A modern lifestyle brand redefining motherhood

Is It Possible to Tell if Your Child Will Become an Addict?

Print Friendly and PDF

Parents’ greatest fear is that their kids will become addicted to drugs and alcohol


This is according to a Parent Co. survey with over 1500 participants. Fear of drug and alcohol addiction vastly outweighed concerns about terrorism, economic collapse, crime, and war. When we shared the results of this survey, comments from readers could be grouped into three categories:

  1. Parents saying “Of course this is our biggest fear!”
  2. Parents asking if it’s possible to analyze their kids’ behavior and attitudes for signs of future addiction.
  3. Parents asking about the factors that contribute to future addiction.

We set out to research these answers with help from AddictionWise, an online service for families and friends of addicts. (More on AddictionWise below.)

From harmful substance abuse of alcohol or drugs or cigarettes to gambling, sex, food, or exercise, addiction can manifest in many forms.

While research continues to explore the scope of addiction and addictive behavior, the bottom line is that science has yet to isolate an “addictive personality.”

However, there’s strong evidence that some people are born vulnerable to addiction. It’s also often possible to predict a child’s’ risk of future addiction.

Genetics, relationships in childhood, environmental and social influences, adolescent experimentation, and the existence of an underlying personality disorder may ultimately contribute to the development of addiction and addictive behaviors.

The biggest indicators of future addiction problems are:

  • Genetics – a family history of addiction
  • Association with drug-abusing peers
  • Drug and alcohol experimentation in adolescence

It’s important to note that parental understanding of the mechanics of addiction is a powerful preventive tool.

FEATURED VIDEO
Addiction is a medical condition that is characterized by compulsive engagement in rewarding stimuli, despite adverse consequences. It can be thought of as a disease or biological process leading to such behaviors. The two properties that characterize all addictive stimuli are that they are reinforcing (i.e., they increase the likelihood that a person will seek repeated exposure to them) and intrinsically rewarding (i.e., something perceived as being positive or desirable). – Wikipedia

Genetics

A history of  family addiction may be the strongest indicator of future addiction.

Many studies have shown that children of addicts have a much greater chance of becoming addicts themselves. Environmental factors may play a role, but a history of family addiction may be the strongest indicator of a child’s future addiction risks.

According to Doug Sellman of the National Addiction Center, heritability runs at about 50% of the cause of addiction.

Dr. A. Thomas McLellan has determined that though more research is needed on the topic, genetics has a critical role in whether or not an individual will develop an addiction, just as chronic illness can be passed from one generation to another.

Undercontrolled Temperament

[We] have firmly established that undercontrolled temperament comes before any involvement in gambling.” – Wendy Slutske, who is a professor of psychological science at the University of Missouri

In the past few years, research has focused on how “undercontrolled” temperaments in children strongly correlate to a future probability of addiction.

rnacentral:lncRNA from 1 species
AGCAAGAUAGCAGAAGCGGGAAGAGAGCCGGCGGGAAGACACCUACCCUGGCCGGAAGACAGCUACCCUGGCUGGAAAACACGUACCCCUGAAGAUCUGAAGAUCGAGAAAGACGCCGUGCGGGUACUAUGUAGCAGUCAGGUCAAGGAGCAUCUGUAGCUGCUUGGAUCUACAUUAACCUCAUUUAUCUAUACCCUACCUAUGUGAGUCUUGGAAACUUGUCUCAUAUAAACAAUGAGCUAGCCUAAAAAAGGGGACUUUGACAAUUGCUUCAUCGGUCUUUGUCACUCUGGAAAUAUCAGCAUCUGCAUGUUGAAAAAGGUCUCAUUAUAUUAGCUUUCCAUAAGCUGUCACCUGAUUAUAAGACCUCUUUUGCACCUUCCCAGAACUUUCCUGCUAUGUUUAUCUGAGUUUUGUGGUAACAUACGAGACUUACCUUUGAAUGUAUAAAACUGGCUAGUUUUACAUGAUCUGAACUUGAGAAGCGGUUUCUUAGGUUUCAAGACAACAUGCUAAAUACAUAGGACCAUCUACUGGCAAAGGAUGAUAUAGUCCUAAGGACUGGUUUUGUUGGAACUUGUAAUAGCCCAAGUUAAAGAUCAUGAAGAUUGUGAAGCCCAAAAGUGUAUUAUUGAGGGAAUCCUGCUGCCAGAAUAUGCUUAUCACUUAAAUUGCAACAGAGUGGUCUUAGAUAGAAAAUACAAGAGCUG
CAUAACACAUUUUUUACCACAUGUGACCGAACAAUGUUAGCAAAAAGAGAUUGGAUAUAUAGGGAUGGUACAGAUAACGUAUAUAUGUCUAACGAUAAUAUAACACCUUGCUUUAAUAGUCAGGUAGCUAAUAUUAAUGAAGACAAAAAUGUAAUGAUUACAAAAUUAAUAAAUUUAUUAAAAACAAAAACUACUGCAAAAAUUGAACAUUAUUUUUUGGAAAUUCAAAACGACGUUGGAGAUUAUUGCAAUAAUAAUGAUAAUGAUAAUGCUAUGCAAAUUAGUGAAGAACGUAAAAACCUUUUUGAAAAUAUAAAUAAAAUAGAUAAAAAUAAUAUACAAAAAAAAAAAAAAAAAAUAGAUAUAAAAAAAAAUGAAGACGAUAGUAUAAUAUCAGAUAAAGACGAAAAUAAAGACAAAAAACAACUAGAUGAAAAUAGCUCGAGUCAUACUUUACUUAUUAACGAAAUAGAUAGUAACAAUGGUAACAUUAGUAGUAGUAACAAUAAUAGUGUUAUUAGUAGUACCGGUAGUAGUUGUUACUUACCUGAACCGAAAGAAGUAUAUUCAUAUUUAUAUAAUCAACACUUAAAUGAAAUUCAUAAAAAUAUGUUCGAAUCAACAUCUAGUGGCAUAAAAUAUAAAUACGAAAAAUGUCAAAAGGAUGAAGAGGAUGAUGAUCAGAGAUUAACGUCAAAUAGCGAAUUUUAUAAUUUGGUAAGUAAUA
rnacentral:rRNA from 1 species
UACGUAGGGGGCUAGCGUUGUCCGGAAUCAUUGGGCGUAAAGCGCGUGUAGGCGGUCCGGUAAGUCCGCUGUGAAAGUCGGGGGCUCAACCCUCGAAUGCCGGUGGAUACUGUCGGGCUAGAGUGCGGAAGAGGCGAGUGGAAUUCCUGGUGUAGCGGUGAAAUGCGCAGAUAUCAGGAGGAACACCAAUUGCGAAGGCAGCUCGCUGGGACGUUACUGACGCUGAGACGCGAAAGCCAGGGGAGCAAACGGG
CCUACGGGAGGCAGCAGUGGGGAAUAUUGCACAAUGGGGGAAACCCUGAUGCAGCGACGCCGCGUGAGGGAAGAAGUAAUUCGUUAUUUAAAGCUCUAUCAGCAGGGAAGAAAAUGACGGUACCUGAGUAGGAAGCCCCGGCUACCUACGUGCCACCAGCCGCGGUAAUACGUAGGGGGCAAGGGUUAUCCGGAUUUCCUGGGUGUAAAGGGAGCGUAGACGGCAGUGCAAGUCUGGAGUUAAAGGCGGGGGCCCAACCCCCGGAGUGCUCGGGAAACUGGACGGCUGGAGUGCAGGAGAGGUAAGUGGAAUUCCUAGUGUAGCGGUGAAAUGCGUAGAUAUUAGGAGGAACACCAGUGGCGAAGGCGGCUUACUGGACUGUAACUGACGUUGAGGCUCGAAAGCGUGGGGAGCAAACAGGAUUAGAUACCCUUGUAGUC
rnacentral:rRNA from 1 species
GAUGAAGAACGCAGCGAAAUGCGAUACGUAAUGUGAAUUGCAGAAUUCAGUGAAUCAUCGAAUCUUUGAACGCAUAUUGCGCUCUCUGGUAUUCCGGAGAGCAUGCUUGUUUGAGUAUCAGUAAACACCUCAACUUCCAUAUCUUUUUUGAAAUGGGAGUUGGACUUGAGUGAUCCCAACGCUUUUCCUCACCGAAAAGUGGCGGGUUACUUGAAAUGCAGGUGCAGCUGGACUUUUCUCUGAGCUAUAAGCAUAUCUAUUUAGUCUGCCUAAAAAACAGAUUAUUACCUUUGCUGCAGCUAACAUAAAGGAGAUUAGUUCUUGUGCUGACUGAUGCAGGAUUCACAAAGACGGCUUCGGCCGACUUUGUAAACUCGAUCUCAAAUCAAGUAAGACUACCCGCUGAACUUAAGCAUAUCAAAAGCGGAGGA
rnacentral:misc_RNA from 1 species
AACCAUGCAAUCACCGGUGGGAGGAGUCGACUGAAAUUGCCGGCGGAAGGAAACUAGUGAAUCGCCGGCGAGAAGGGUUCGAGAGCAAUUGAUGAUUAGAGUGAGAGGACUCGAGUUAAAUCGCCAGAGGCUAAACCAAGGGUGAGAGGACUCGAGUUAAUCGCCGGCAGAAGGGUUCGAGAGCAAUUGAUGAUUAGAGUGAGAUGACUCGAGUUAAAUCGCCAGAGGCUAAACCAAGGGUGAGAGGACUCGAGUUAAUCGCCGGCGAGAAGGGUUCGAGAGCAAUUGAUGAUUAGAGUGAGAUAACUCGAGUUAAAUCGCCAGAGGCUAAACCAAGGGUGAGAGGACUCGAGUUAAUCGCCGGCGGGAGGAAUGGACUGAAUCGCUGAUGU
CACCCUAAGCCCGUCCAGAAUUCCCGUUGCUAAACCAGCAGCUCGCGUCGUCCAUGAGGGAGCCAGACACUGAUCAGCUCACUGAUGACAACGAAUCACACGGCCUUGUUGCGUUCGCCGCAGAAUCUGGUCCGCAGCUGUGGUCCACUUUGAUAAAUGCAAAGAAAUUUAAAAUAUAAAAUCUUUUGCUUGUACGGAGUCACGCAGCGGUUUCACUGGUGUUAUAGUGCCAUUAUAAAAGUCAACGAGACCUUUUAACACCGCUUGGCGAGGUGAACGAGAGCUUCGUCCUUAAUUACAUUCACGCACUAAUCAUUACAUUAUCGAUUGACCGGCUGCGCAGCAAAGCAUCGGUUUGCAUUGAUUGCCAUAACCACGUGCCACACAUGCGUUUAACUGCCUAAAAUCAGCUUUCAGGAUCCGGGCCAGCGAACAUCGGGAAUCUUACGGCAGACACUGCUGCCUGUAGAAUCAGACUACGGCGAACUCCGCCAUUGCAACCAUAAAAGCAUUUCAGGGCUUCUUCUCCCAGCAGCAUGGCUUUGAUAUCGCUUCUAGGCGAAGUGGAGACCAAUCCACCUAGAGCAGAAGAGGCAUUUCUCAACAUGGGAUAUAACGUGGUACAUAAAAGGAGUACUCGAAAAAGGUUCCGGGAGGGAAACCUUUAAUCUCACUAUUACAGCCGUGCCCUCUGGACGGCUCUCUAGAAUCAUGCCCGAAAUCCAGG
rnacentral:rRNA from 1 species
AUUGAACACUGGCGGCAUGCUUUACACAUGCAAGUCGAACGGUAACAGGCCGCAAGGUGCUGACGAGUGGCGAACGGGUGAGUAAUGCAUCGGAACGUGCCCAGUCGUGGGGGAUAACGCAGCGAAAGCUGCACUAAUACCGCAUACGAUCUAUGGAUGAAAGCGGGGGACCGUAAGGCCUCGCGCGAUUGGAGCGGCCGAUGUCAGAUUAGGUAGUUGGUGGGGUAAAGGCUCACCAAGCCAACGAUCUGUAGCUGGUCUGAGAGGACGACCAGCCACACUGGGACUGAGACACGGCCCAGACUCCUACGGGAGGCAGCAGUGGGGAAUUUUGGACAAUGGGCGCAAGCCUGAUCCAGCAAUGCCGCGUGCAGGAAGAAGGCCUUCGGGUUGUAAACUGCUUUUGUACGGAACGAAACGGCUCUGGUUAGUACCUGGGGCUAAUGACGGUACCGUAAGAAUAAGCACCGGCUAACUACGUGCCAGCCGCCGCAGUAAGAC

A large-scale, long-term, longitudinal study from New Zealand found that undercontrolled three-year-0lds were more than three times as likely to become addicted to drugs and twice as likely to have problems with gambling as young adults than their peers with the most self-control.”

Aspects of an “undercontrolled temperament” include:

  • a lack of self-control, including rapidly shifting emotions
  • impulsive and willful behavior
  • relatively high levels of negative feelings such as alienation and negative emotion
  • less conscientiousness and less social agreeability compared to  peers

Even after factors like IQ, gender, and socioeconomic status were accounted for the association with addiction still held. And when the “undercontrolled” children were assessed as adults, they hadn’t changed all that much. (This is also shown in this California Child Q-Set study.)

About 10% of children in the study exhibited an undercontrolled temperament.

Relationships With Peers and Adults

Children who have poor relationships with peers and adults are more at risk for addiction.

A child’s environment and family additionally can affect the development of addictive habits. Dr. Robert B. Millman has advocated that children who have poor relationships with peers and adults are more at risk for addiction whereas those with positive relationships are at less risk. Dr. Hatterer also confers with this perspective and elaborates a child who suffers abuse is also at risk for developing an addiction later in life.

Moreover, Dr. Hatterer articulates that a lack of consistent parenting throughout childhood also influences future addictive behavior patterns.

Drug experimentation in adolescence

Association with drug-abusing peers is often the most immediate risk for exposing adolescents to drug abuse and delinquent behavior. – Drugabuse.gov

A 30-year prospective study found that early-exposed adolescents remained at an increased risk for poor outcomes. Approximately 50% of adolescents exposed to alcohol and drugs before age 15 had no conduct-problem history, yet were still at an increased risk for adult substance dependence.

Likewise, children who feel isolated or alienated are at risk for addictions. They may lack self-confidence and not know how to reach out to others for their emotional needs. .These children may eventually turn to addictive substances to cope.

According to David Sack M.D: